PHOENIX (3TV/CBS 5) - "When she was in the shower, I heard this scream and she had a seizure. Finally, she lost the ability to speak, lost the ability to move, lost the ability for everything," said Peter King.
King says his daughter was a healthy and vibrant teenager before complications of the West Nile virus left her with severe brain damage and bedridden more than a decade ago. At that time she was only 13 years old, and the family was advised to place her at the Hacienda Skilled Nursing Facility.
It's the same facility in which a woman in a vegetative state for more than 14 years recently delivered a baby. He says he was shocked when he heard the news.
[ORIGINAL EXCLUSIVE STORY: Woman in vegetative state gives birth at Hacienda Healthcare in Phoenix]
"Holy smokes that's the place Terri was at. I never expected something that devastating to happen but, however, I just wasn't surprised," King said.
That's because when they took their daughter there, he says they had concerns. When they spoke to an offsite doctor who had come to check on their daughter, he says the doctor confirmed what their gut was telling them.
"I looked at him in the eye, and I got that feeling like he was saying yeah I'm not too fond of this place either, and he was just a visiting doctor. That's when he said, 'Why don't we try and get her to your home?'" King said.
We also spoke with a Florida attorney, Melvin Wright. His firm isn't currently involved in this case, but years ago handled a very similar case. In that situation, the suspect, who was an employee, was caught through DNA evidence. Arizona's Family asked him what are the probable next steps in this situation.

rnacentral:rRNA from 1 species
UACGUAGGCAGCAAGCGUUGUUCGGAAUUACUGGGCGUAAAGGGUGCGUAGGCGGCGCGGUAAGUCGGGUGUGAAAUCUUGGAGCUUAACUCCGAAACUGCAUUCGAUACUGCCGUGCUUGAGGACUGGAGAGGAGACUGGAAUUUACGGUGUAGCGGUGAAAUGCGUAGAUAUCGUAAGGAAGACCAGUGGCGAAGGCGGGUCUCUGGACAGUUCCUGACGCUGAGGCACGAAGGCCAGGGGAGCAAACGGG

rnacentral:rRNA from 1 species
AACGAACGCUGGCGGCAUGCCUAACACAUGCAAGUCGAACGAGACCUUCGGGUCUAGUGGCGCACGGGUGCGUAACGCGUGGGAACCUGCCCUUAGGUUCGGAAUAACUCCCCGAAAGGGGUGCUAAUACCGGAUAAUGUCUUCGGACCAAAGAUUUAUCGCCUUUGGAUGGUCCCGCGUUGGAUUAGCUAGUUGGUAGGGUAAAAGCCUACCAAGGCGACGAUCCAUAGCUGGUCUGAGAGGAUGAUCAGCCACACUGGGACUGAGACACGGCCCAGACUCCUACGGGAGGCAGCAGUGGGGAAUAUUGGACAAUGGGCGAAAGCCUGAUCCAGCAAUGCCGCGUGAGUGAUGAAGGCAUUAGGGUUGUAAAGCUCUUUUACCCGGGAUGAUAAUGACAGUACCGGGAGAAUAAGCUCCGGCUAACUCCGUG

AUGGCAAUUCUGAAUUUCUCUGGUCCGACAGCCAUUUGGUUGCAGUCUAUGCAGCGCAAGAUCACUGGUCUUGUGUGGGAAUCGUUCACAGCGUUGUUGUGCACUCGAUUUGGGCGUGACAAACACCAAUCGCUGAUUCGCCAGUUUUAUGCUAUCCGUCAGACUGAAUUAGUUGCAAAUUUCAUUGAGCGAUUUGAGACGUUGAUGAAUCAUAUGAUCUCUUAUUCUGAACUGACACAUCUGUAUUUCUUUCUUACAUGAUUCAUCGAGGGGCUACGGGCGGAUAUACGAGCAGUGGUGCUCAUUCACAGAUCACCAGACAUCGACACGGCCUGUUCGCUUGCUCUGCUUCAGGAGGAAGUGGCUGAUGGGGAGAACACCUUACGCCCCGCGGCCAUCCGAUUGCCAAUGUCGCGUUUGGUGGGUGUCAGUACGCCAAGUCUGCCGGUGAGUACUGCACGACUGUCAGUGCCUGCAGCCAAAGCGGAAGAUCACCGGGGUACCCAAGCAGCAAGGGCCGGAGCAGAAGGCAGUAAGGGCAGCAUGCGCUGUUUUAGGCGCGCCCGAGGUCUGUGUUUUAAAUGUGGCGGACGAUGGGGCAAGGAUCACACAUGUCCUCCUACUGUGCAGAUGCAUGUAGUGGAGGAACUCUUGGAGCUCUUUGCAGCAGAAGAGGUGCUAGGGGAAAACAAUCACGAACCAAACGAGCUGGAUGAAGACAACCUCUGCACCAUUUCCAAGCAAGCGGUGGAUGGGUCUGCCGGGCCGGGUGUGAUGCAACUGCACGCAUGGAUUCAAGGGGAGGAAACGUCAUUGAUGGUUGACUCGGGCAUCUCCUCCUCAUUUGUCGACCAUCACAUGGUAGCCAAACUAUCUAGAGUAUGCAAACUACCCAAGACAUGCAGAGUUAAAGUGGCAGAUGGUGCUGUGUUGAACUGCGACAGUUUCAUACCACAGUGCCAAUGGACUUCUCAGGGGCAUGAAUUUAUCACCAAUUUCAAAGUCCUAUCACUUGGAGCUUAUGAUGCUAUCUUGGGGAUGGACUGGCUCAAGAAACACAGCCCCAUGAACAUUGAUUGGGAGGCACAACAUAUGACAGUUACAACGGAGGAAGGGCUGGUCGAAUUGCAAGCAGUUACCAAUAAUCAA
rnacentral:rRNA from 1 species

"Law enforcement will hopefully take DNA evidence from the victim and will try and identify the perpetrator," said Wright.
But he says it's not a simple or quick process.
"They have to identify the people who had access to her and then either get their consent or get a subpoena power order from the court based on probable cause which is a lot more difficult. It could take months if not years," said Wright.
Wright also says the facility will most likely be held liable to some degree.
"The facility would have liability but only if it was proven they could have prevented this and in all likelihood, they could have prevented this. There's no reason that they would not know for example that she was pregnant. They should have been monitoring her bodily functions," said Wright.
King says they are glad they didn't let their daughter stay there and hopes more will now be done to protect others.
[CONTINUING COVERAGE: Hacienda HealthCare pregnancy investigation]
"Now something really devastating, a crime has been committed and it's known now which means finally maybe we can re-look at some of these long-term care facilities and make sure these patients are taken care of," said King.